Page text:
Like other relatively short, low budget VNs I've played recently, however, I really didn't have a problem looking past all of that and delving into the the story, which is definitely atypical. As the store page states, it's about hacking; more specifically, it's about hacking as "warfare," in both analog and digital realms.

I found it pretty interesting in several ways. One is the topic itself: it frames most everything around a hacking "game" called CTF. I don't have any experience with this, but their descriptions of it are pretty interesting to read. That said, at certain points they do also expand out into social engineering, which is really cool. Another facet of this is the portrayal of the hackers. Hackers are a broad group - the existence of the terms "white," "grey," and "black" hat speaks to that. The game frames the main characters as mostly white hats, paints most of the larger community as "grey" hats, and just a few here and there as "black" hats. It's not as "villainous" as someone big on IT security might prefer, but it's not nearly as clear-cut as it could be. Connected to this is the portrayal of the game's adversaries. I won't spoil who they are, but for me personally it was difficult, in that I wouldn't necessarily view them as adversaries. Seeing things from a different perspective is valuable, and that's a strength of this VN. I found myself struggling to decide who the true "bad guys" were, or if there were any at all.

At the same time, there are a couple weaknesses in the story. The big one is their portrayal of hacking. It feels...exaggerated, larger than life in some of the descriptions they give. Example quote:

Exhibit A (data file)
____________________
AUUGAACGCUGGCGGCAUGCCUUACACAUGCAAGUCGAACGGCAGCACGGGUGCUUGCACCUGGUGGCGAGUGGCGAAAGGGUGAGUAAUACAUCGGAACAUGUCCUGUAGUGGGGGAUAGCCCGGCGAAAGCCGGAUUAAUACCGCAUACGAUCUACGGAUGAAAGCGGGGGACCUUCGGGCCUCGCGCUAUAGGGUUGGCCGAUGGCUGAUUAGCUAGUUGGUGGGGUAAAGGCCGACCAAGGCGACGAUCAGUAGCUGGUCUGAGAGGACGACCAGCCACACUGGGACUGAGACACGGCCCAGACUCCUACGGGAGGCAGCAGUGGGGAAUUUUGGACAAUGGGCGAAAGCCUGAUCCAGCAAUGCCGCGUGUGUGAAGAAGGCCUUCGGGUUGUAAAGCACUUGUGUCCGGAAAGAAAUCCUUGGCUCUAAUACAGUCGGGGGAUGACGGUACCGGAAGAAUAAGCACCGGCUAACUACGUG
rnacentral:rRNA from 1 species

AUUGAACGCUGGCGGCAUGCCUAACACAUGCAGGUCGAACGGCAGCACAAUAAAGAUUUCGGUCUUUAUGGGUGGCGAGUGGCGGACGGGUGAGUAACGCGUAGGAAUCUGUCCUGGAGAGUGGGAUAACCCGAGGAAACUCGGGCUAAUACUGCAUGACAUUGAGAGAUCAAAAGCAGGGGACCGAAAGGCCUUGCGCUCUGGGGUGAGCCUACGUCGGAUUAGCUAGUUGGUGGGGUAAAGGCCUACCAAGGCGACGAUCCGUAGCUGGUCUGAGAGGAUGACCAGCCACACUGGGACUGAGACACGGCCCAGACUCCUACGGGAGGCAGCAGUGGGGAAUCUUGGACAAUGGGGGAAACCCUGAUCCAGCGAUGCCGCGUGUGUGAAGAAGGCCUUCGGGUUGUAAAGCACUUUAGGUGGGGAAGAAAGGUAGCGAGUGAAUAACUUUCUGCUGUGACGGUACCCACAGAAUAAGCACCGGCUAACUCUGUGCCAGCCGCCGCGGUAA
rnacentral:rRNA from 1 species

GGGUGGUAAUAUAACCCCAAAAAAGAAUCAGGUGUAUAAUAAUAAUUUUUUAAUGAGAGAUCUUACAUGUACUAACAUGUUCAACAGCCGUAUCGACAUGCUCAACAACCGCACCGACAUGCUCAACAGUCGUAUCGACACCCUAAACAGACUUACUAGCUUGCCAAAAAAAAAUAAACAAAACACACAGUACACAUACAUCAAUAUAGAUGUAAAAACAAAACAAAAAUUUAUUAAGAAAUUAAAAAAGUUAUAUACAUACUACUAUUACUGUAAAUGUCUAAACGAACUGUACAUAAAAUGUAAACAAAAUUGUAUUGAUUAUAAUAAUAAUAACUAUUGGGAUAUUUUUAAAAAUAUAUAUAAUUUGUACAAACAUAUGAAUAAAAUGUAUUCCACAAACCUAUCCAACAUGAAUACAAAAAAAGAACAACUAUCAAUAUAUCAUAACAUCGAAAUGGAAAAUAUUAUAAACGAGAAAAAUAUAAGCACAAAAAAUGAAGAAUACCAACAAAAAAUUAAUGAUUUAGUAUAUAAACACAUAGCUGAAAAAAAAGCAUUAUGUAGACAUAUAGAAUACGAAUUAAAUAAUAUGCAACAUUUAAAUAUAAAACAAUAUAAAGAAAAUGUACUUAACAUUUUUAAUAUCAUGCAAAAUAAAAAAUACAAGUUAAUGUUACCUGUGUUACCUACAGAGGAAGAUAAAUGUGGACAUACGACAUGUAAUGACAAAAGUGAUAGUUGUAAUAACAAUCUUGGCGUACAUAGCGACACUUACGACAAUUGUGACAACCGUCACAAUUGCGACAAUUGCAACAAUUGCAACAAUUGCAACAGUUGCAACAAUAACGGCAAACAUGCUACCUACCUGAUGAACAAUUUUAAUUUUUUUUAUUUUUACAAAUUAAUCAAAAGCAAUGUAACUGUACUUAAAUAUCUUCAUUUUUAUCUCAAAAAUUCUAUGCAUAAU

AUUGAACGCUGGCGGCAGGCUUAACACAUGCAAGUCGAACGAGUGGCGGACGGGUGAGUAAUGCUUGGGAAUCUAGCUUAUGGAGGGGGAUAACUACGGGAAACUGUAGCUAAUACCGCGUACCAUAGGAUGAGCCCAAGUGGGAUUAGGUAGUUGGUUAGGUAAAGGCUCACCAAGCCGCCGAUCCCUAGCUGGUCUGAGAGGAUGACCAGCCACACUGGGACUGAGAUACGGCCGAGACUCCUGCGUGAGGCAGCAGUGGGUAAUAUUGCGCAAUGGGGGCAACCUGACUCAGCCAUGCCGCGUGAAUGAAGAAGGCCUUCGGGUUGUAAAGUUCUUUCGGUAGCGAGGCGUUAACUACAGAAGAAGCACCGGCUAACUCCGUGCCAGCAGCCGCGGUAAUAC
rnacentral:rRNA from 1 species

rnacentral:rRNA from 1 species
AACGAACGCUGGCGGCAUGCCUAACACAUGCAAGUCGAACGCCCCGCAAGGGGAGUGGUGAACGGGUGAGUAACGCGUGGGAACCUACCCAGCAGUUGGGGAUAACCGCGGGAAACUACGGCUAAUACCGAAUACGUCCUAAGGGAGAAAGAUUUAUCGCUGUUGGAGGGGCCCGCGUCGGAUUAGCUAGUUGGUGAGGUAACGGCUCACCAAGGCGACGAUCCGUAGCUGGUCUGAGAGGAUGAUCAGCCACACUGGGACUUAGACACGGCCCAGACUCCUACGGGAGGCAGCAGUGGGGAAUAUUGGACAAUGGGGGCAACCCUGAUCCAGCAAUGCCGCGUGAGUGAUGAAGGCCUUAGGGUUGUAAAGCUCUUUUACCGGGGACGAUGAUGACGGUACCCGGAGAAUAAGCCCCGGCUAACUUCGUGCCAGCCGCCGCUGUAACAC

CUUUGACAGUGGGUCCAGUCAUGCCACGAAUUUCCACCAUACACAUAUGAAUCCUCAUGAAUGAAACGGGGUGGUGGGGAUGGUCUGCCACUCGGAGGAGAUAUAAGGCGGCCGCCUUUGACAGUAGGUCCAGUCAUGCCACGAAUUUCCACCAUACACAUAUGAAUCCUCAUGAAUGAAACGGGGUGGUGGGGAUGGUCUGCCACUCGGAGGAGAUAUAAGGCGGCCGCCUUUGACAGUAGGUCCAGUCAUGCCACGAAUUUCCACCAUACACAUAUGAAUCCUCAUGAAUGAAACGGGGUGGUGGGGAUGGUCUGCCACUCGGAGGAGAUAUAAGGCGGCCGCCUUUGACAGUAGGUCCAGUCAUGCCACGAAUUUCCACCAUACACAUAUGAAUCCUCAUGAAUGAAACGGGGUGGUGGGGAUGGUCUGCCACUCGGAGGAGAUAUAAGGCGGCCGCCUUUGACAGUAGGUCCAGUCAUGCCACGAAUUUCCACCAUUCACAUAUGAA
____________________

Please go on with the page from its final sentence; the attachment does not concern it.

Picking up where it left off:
"She didn't use anyone's hacking tools, nor did she look at anyone's password, but somehow, impossibly, words began to scroll onto the screen as though they were magical runes appearing from thin air."

It's not like that all the time, but a fair portion of the more involved hacking segments use that kind of language, which just feels unrealistic to me. It takes me out of the experience.

A second, more minor criticism I have is that too many characters are connected to one another. To a point it's a good thing, and it's cool and intriguing to see familiar characters at different times in totally different contexts and try to figure out how they got from one to the other. But when basically every other character has a history with at least two others in the group from before the VN, it gets a little ridiculous. Again, this is fairly minor. It's not a big deal, it can be overlooked; it's just suboptimal.

Ultimately, however, I can really only recommend this VN.. I'm a huge enthusiast for the cyperpunk genre, and a premise this unique at $5 was hard to pass up. I definitely enjoyed my time with CyberRebeat and would recommend it to anyone who find its premise or subject matter interesting, especially if you find it on sale like I did. However, it's also important to note that, as a VN itself, its production quality is considerably underwhelming (though it thankfully did not deter my enjoyment as much as it may others).

Let's start with the good though: The story is lengthy and very engaging. I found myself hooked from beginning to end and wanting more after the credits rolled. The characters and their designs are also a plus: I felt the characters were very well-rounded, not pulling too much (or too little) from their personality traits or backstories to leave a lasting impression on the reader. Background art doesn't wow much but gets the job done and, similarly, the BGM is also enjoyable despite a relatively short track list (an OST release would be a nice bonus).